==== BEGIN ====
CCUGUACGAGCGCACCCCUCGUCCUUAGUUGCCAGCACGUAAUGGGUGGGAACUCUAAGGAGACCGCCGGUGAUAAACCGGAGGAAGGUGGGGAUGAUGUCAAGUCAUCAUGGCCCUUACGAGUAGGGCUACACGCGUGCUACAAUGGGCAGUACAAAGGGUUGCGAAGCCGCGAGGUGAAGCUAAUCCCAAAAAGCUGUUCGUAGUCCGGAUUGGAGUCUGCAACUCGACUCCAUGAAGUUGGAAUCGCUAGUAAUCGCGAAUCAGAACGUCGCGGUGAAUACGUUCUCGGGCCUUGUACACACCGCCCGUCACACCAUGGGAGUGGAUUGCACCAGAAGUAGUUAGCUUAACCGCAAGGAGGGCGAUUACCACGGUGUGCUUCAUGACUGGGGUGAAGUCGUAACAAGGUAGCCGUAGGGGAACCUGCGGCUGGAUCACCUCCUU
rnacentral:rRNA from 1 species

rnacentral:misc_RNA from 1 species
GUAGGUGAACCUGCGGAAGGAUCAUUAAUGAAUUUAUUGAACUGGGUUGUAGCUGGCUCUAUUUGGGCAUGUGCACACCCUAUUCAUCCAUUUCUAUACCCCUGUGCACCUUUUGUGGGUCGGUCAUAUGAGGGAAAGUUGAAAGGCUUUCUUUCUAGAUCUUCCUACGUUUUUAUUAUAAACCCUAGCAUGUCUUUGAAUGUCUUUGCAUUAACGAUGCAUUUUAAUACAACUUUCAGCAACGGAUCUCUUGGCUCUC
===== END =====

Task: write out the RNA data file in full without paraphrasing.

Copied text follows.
CCUGUACGAGCGCACCCCUCGUCCUUAGUUGCCAGCACGUAAUGGGUGGGAACUCUAAGGAGACCGCCGGUGAUAAACCGGAGGAAGGUGGGGAUGAUGUCAAGUCAUCAUGGCCCUUACGAGUAGGGCUACACGCGUGCUACAAUGGGCAGUACAAAGGGUUGCGAAGCCGCGAGGUGAAGCUAAUCCCAAAAAGCUGUUCGUAGUCCGGAUUGGAGUCUGCAACUCGACUCCAUGAAGUUGGAAUCGCUAGUAAUCGCGAAUCAGAACGUCGCGGUGAAUACGUUCUCGGGCCUUGUACACACCGCCCGUCACACCAUGGGAGUGGAUUGCACCAGAAGUAGUUAGCUUAACCGCAAGGAGGGCGAUUACCACGGUGUGCUUCAUGACUGGGGUGAAGUCGUAACAAGGUAGCCGUAGGGGAACCUGCGGCUGGAUCACCUCCUU
rnacentral:rRNA from 1 species

rnacentral:misc_RNA from 1 species
GUAGGUGAACCUGCGGAAGGAUCAUUAAUGAAUUUAUUGAACUGGGUUGUAGCUGGCUCUAUUUGGGCAUGUGCACACCCUAUUCAUCCAUUUCUAUACCCCUGUGCACCUUUUGUGGGUCGGUCAUAUGAGGGAAAGUUGAAAGGCUUUCUUUCUAGAUCUUCCUACGUUUUUAUUAUAAACCCUAGCAUGUCUUUGAAUGUCUUUGCAUUAACGAUGCAUUUUAAUACAACUUUCAGCAACGGAUCUCUUGGCUCUC